Singapore — Nigerian National Petroleum Corp intends to handle up to 80% of the country's crude oil lifting contracts via its trading arm in the next few years as part of efforts to widen its customer reach, a senior official told S&P Global Platts Wednesday.
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Mele Kyari, general manager of state-owned NNPC's crude oil marketing division, also said in an interview on the sidelines of the APPEC conference in Singapore it planned to sell more crude on a CIF or delivered basis to ensure security of supply.
The NNPC's trading arm Duke Oil will be given more equity to directly trade and market the country's crude in the next few years, Kyari said.
"There is a plan to see how Duke Oil can directly trade the volumes in the market [up to 80%] and ultimately 100% of our equity in the long term."
The current 2017-18 Nigerian crude oil term contracts involve the export of around 1.306 million b/d of Nigerian crude out of the 2.2 million b/d the country has the capacity to produce.
Duke Oil gets 90,000 b/d and the other 38 companies on the list have a 30,000 b/d allocation.
NNPC allocates the majority of its crude cargoes to trading companies and oil refiners that hold term contracts. These cargoes are then sold by the trading companies to end-users, refiners and other buyers.
India, the largest buyer of Nigerian oil, has always pushed for the NNPC to directly market its crude to ensure its largest buyers have secure supplies, and stop using trading companies and other intermediaries.
Kyari hinted NNPC was moving in the same direction as the state-owned companies of Saudi Aramco and Angola's Sonangol.
Sonangol markets and sells its crude on spot and term markets after Angola elected to instead strengthen its trading arm, giving it the ability to choose clients and end-users.
Analysts have said this system would be more transparent and benefit buyers and sellers.
NEW APPROACH TO CUSTOMERS
Kyari also said the NNPC was looking to "engage one-on-one as a CIF supplier to customers". Nigerian crude is mostly sold and priced on an FOB basis.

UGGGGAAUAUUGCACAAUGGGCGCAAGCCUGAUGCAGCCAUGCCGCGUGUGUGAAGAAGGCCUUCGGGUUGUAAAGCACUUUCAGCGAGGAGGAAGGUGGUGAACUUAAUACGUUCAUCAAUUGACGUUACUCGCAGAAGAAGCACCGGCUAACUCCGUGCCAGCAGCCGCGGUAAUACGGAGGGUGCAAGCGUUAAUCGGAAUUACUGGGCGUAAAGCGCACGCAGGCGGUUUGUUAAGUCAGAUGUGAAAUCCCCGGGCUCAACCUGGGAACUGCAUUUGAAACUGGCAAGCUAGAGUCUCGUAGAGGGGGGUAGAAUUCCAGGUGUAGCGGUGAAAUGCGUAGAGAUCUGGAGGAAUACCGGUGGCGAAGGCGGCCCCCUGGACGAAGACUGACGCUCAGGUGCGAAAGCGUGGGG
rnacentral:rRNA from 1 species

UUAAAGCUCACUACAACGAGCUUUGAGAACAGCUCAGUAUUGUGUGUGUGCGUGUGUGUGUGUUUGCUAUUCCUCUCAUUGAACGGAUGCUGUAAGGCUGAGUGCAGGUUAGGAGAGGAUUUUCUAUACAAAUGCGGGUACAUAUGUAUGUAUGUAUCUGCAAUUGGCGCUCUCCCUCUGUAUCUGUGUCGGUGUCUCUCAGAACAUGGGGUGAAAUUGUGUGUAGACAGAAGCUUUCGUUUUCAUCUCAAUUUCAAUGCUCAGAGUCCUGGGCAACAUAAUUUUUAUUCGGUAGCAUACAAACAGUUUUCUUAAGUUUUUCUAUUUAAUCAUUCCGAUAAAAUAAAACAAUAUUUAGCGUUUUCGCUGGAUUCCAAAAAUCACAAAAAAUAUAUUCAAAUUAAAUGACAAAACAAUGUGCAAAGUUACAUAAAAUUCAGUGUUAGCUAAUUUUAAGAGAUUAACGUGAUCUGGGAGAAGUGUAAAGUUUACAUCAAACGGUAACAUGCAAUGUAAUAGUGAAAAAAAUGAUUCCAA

Although enjoying a recovery of late, Nigeria has faced two difficult years, with oil exports falling almost 40% due to renewed militancy in the oil-rich Niger Delta.
That has left regular customers keener to buy crude on a delivered basis to ensure supply security as attacks on the Forcados and Qua Iboe terminals had put off some players from buying crude on an FOB basis.
Asked whether it was NNPC's new approach to customers, Kyari said: "We are growing it. It existed but we have not been patronizing it. Now we see a great need for that."
Kyari also said that as part of its efforts to attract new buyers, NNPC will make sure grades were "appropriately priced" and it will also focus on ensuring supply stability, which was a key issue.
RISING FLOWS TO ASIA
The NNPC will continue to depend on Asia and Europe as its two main traditional destinations and hopes to increase its share in both regions, Kyari said.
Kyari said while 29% of Nigerian exports went to Asia, most went to India and Indonesia, and not other key demand hubs in China, Japan and South Korea.
"So Europe and Asia will be our prime buyers in the short term, and there is growing consumption in Africa also but it is of a smaller volume," Kyari said.
In the past decade, Europe has emerged as the biggest demand center as falling North Sea production along with declining Libyan crude exports has meant European refineries have had to rely more on West Africa for light sweet crude.
So far this year, 17% of Nigerian crude exports have been to the US, Kyari said, which was a sharp rise from few years ago. Indeed, since the US started exporting crude in 2015, Nigeria's exports to the US have increased.
Importers of Nigerian crude in the US are refineries on the Atlantic Coast. In 2014, only 3.1% of Nigerian exports went to the US, according to NNPC data.
Crude oil flows from Nigeria to the US were once a major trade route in the global oil market, but the shale revolution had a profound impact on the make-up of the US import market, which has, by extension, greatly altered the direction of crude flows both within Europe and to Asia.
Until about 2008, the US used to buy more than 1 million b/d of light sweet Nigerian crude oil, almost 50% of Nigerian exports at the time.
BONNY LIGHT EXPORTS
Kyari also said NNPC expected the force majeure on Nigeria's Bonny Light crude to be lifted soon.
"I cannot give you an immediate time frame but I know that it will be very soon", as soon as repair works are completed, Kyari said, adding that the force majeure will likely be lifted in October.
Force majeure was declared September 16 on Bonny Light due to issues affecting one of the two major pipelines leading into the grade's terminal, a spokesman for terminal operator Shell Petroleum Development Co. of Nigeria, or SPDC, has said.
Bonny Light exports have been continuing through the other main pipeline, the SPDC-operated Trans Niger Pipeline, the spokesman said.
Bonny Light has seen its production affected by declarations of force majeure at different points throughout the past year.
It most recently came out of a month-long force majeure on August 14, due to issues over a leak on the Nembe Creek Trunk pipeline.